‘We can do anything and everything but hear” | April 2021
Newsletter April 2021
‘We can do anything and everything but hear”
Celebrating National Deaf History Month
March 13-April 15th is National Deaf History Month. More than one thousand students are enrolled at National Technical Institute for the Deaf, one of nine colleges at RIT. NTID is the first and largest technological college in the world for Deaf and hard-of-hearing students. We asked NTID’s Alesia Allen, assistant vice president, Office of Diversity and Inclusion, to share her thoughts on this moment and some of her personal journey.
Why is it important that we celebrate this month?
I am a bit biased, but doing DEI work, I ask why not?! I think it is important to commemorate the achievements of Deaf and hard-of-hearing individuals and recognize the plight of Deaf/HH individuals’ experiences. We often have to find different ways to navigate the world around us and work against systems that do not have us in mind. Having access to information is a privilege and being exposed to various individuals who fought gives continuing encouragement to keep going. It also opens other ways for hearing individuals to share information.
How have things changed over the years for those who are Deaf or hard-of-hearing?
Technology and social media have truly made life accessible for Deaf/HH folks in ways that we have not seen before. Having access to captioning on TV (although still not all things are captioned), Video Phones to make phone calls including platforms like FaceTime, Glide, and Marco Polo, and texting, broke down many barriers that allow for communication. Social media, I think, played a huge role in that it allows for us to gather information, connect with family, and allows for others to get to know who we are. I’ve heard stories from my Deaf/HH friends that discussed how they got to know various family members more over social media. Some were shocked at how much we’ve accomplished although they sat at the same dining table for years.
Can you share a personal story and the challenges you faced?
As a hard-of-hearing woman, I often feel that others misunderstand me. I have residual hearing that if settings and environment were conducive I could carry a 1:1 conversation with someone only needing my hearing aids. Other situations I depend heavily on an American-Sign-Language interpreter. I think and process things in English often and revert to my native language of spoken English. Having the ability to navigate both hearing and Deaf culture is both a blessing and a curse. For hearing individuals, there’s a perception that I may be faking my hearing loss or that I hear only when I want to hear. Whereas in the Deaf community, there may be a need to fully engross in the culture and use American Sign Language all the time. This is wonderful but I often think in English. Being stuck in the middle allowed for me to be an awesome liaison and bridge the divide between hearing and Deaf communities, but it is also challenging as there seems to be a strong need to commit fully to one or the other culture. All of this is coupled with progressive hearing loss where my hearing gets worse over time.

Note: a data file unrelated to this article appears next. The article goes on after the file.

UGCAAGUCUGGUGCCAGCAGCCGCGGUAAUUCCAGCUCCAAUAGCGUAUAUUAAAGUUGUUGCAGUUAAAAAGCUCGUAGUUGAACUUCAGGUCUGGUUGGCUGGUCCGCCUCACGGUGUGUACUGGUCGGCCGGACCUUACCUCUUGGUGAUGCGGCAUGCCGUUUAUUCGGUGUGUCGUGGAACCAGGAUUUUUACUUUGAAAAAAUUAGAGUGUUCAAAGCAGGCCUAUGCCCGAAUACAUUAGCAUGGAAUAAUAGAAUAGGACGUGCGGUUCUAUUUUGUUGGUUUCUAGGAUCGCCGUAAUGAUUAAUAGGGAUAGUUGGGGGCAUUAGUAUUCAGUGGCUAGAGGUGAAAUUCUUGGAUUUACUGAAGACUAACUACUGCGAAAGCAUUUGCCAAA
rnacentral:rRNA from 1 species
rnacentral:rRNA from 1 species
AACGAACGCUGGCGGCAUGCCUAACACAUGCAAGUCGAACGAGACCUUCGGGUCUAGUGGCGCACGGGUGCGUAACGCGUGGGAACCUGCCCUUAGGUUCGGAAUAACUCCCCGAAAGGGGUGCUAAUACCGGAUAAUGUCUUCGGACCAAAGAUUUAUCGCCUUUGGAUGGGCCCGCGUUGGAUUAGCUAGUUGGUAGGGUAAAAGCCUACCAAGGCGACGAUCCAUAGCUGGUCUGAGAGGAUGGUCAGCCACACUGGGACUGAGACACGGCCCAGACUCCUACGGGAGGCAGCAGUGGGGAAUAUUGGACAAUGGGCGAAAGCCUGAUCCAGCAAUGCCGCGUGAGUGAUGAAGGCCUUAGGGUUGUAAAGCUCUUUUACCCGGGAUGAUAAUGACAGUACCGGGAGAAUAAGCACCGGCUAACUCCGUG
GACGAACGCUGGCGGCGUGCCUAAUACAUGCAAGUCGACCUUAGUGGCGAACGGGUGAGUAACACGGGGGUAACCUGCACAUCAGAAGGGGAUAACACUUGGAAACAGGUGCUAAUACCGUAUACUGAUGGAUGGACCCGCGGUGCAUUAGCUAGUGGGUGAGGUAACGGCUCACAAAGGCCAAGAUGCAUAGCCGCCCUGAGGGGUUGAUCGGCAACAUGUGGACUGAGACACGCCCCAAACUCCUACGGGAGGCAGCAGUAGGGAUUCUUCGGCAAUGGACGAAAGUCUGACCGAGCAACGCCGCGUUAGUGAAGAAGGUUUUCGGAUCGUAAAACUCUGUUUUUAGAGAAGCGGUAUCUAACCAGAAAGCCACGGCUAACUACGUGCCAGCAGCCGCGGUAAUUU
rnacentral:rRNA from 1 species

As we celebrate National Deaf History Month, please share some “notables” who have made a mark in history.
Hard to just pick one! Most folks know Marlee Matlin and Nyle DiMarco….I’d like to honor Shirley Allen who is the first Black deaf woman to earn a doctoral degree in the U.S. from the University of Rochester in 1992. She also worked at RIT for 28 years before retiring in 2001. Other notables include CJ Jones, a deaf American actor who played Joseph in the summer hit “Baby Driver” that made him an international Blockbuster. He also had several roles in other films. I remember seeing him on the show “A Different World” and being happy to see a Deaf person. Claudia Gordon is the first female Deaf Black lawyer to graduate law school and is recognized as one of former President Obama’s key advisors for disability issues. I could list so many more…I’ll stop for now.
What would you want hearing persons to know, to understand about being Deaf or hard-of-hearing?
We can drive!!! Seriously, I was part of a research project during graduate school that suggest that Deaf/HH having enhanced peripheral vision making them better drivers. I think it is important to know that there are many ways to be Deaf/Hard-of-hearing and many of us have varying experiences. Our needs and accommodations are different as well and may not always be solved with an ASL interpreter. As most would say…we can do anything and everything but hear.